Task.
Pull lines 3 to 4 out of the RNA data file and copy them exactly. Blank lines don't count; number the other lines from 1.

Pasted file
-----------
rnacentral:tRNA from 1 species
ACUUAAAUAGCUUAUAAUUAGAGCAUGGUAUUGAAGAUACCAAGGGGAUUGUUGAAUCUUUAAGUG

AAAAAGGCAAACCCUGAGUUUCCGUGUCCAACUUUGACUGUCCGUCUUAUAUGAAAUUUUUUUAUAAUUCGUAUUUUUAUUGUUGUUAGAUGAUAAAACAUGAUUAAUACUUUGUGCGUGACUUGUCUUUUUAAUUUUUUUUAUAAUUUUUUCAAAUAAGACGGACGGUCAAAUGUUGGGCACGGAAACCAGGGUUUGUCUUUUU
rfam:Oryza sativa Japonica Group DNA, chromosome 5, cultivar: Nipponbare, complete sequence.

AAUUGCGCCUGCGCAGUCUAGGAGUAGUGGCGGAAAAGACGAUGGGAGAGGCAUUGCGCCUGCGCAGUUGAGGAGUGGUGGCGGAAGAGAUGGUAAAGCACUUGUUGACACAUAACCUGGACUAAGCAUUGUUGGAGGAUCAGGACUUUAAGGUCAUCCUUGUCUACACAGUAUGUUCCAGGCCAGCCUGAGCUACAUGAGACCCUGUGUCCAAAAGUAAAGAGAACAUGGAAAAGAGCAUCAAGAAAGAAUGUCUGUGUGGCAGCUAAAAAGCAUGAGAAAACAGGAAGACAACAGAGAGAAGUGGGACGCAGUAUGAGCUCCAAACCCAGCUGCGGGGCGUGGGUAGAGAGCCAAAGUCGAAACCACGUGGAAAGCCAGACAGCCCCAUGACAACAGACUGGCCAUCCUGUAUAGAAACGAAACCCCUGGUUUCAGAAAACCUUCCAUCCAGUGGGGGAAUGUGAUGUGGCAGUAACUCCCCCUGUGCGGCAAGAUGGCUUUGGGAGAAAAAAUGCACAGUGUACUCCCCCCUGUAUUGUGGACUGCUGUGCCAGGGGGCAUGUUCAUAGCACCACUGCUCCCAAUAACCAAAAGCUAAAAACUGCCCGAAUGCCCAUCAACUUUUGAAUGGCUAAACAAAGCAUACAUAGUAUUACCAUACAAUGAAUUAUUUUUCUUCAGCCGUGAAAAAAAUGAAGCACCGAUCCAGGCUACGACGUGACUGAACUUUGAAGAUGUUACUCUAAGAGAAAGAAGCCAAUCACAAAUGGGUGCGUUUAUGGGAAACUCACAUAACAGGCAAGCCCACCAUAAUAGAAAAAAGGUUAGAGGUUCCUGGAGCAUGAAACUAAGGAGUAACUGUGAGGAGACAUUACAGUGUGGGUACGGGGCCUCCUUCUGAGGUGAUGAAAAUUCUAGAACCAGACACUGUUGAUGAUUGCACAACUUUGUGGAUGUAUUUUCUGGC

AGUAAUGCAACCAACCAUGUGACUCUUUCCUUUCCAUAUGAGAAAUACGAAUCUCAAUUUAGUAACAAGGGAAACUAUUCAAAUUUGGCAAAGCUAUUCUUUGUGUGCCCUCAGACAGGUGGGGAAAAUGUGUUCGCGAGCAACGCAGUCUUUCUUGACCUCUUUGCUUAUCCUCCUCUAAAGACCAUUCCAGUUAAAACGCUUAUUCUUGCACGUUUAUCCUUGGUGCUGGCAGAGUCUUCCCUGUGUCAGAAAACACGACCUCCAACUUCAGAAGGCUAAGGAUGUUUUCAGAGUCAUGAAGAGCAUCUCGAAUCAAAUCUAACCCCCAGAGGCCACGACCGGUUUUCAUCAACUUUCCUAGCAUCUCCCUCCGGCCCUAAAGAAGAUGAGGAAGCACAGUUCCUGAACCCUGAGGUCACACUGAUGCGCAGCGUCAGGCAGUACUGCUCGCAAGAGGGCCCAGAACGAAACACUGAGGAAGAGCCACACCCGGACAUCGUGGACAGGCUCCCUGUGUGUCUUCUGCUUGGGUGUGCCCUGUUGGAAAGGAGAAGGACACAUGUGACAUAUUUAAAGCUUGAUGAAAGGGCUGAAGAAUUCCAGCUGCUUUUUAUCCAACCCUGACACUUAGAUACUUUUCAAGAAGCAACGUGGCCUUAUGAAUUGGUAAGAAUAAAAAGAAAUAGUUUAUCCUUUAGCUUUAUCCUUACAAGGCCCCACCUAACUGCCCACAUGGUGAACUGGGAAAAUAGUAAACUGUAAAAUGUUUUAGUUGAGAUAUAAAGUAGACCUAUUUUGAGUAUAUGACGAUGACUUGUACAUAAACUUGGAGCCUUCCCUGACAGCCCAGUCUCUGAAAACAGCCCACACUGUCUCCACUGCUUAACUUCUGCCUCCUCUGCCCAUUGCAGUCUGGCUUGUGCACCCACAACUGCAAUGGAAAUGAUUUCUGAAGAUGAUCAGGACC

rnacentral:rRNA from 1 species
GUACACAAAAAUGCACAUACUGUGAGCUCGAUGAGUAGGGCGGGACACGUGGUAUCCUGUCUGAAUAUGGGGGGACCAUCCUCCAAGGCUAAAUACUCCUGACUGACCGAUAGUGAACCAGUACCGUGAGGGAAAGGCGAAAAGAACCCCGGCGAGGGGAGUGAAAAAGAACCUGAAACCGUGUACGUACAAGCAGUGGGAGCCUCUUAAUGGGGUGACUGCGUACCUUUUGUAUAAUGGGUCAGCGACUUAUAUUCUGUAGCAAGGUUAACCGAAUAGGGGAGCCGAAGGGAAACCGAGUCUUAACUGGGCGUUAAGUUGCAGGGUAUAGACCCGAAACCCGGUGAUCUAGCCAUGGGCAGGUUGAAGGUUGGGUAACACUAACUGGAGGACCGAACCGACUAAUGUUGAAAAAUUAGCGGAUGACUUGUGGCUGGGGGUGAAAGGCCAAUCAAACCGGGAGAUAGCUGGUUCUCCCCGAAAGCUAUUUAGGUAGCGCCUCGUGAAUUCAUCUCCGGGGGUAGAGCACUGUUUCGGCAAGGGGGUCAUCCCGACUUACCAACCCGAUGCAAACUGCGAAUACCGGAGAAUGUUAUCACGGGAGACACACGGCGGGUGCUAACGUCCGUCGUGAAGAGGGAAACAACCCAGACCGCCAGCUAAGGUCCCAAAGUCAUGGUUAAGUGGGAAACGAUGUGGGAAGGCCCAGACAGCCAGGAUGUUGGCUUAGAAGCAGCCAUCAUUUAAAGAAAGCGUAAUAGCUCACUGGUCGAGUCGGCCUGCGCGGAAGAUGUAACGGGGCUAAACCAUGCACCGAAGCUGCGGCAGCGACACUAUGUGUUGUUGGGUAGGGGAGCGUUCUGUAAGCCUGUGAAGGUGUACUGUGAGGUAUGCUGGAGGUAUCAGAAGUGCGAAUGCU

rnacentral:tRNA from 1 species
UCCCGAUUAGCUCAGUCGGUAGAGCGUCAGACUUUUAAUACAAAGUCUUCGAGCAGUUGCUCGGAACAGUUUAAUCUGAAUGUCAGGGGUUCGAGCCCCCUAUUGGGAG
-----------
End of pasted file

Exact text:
AAAAAGGCAAACCCUGAGUUUCCGUGUCCAACUUUGACUGUCCGUCUUAUAUGAAAUUUUUUUAUAAUUCGUAUUUUUAUUGUUGUUAGAUGAUAAAACAUGAUUAAUACUUUGUGCGUGACUUGUCUUUUUAAUUUUUUUUAUAAUUUUUUCAAAUAAGACGGACGGUCAAAUGUUGGGCACGGAAACCAGGGUUUGUCUUUUU
rfam:Oryza sativa Japonica Group DNA, chromosome 5, cultivar: Nipponbare, complete sequence.